Australia’s Santos has said it will “vigorously defend” itself against a Federal Court challenge. The company is under fire for a proposed gas pipeline construction, it had hoped to begin today.
Six Tiwi elders have submitted an application to Environment and Water Minister Tanya Plibersek to prevent construction going ahead. A statement from Environmental Defenders Office says there are concerns the pipeline will “traverse an area of significant underwater cultural heritage”.
Australia’s Financial Review reported that the Tiwi had lost their initial claim on October 31. Another hearing was due to be held today, to give Santos more time to respond to the charges.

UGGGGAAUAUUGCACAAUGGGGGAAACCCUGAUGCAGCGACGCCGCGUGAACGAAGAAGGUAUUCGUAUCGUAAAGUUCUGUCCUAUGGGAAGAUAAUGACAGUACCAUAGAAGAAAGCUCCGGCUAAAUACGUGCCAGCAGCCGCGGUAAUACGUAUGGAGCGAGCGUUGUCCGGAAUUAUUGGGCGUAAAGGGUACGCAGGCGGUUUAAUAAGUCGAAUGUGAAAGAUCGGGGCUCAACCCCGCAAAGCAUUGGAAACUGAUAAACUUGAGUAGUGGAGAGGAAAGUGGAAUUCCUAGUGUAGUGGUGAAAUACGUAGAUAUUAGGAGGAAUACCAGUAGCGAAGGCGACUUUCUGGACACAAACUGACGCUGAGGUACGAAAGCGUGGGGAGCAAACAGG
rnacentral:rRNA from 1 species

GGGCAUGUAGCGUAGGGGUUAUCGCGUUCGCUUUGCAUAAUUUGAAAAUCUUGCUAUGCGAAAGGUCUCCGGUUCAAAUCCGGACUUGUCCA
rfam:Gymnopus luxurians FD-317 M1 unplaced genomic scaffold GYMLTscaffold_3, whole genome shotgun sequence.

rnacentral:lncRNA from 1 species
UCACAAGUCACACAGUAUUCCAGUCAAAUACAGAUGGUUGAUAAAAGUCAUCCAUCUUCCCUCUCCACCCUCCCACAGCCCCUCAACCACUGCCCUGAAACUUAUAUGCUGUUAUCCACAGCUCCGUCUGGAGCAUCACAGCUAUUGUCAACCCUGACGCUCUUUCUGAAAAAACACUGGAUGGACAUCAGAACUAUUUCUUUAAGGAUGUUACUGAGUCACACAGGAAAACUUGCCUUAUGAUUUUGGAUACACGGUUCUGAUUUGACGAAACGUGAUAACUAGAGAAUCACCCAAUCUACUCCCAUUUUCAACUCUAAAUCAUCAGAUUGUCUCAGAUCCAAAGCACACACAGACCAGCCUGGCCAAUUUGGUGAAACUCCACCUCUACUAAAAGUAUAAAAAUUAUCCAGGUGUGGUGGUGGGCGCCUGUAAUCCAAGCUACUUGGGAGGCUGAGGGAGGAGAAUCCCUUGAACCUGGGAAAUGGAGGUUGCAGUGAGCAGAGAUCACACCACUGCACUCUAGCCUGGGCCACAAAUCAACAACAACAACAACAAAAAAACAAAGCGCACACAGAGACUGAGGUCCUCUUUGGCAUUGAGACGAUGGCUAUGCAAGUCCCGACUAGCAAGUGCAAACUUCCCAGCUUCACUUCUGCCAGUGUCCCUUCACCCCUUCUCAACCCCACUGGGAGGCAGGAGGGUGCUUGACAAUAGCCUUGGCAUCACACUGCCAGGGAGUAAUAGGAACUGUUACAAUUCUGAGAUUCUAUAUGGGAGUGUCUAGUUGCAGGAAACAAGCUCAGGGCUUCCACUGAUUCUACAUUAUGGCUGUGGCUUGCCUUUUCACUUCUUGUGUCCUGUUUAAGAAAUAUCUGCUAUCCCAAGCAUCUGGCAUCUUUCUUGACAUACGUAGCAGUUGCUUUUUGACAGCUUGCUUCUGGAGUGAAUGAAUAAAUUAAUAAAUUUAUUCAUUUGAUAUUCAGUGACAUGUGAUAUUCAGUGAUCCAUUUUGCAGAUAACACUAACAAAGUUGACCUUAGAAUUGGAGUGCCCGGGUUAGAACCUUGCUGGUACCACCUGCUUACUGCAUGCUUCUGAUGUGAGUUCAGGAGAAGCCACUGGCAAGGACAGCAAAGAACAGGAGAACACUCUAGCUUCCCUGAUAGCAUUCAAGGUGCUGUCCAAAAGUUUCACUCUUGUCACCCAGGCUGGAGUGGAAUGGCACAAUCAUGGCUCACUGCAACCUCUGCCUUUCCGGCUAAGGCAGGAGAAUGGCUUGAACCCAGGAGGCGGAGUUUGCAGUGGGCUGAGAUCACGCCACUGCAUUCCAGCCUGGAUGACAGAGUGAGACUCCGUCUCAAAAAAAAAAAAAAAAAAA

As of the time of writing, Allseas’ Audacia pipelay vessel remains moored offshore Darwin, according to Marine Traffic.
Santos has disagreed on the impact of the pipeline. It has an expert opinion stating that there are no specific underwater cultural sites on the proposed route.
The pipeline will run from the offshore gas field, 262 km offshore in the Timor Sea. It will carry gas to backfill the Darwin LNG project.
Australia’s NOPSEMA paused pipeline work in January in order to Santos to carry out a heritage assessment. Santos said it respected the cultural heritage of the Tiwi people.
“While we understand and respect there are a range of views about the Barossa gas project, we will vigorously defend Federal Court proceedings”, it said.
If the company completes work on the Barossa pipeline this year, and begins drilling, it can deliver the project on cost and schedule.
Also anchored off Darwin is the Valaris MS 1 drilling rig, which is under contract until August 2024.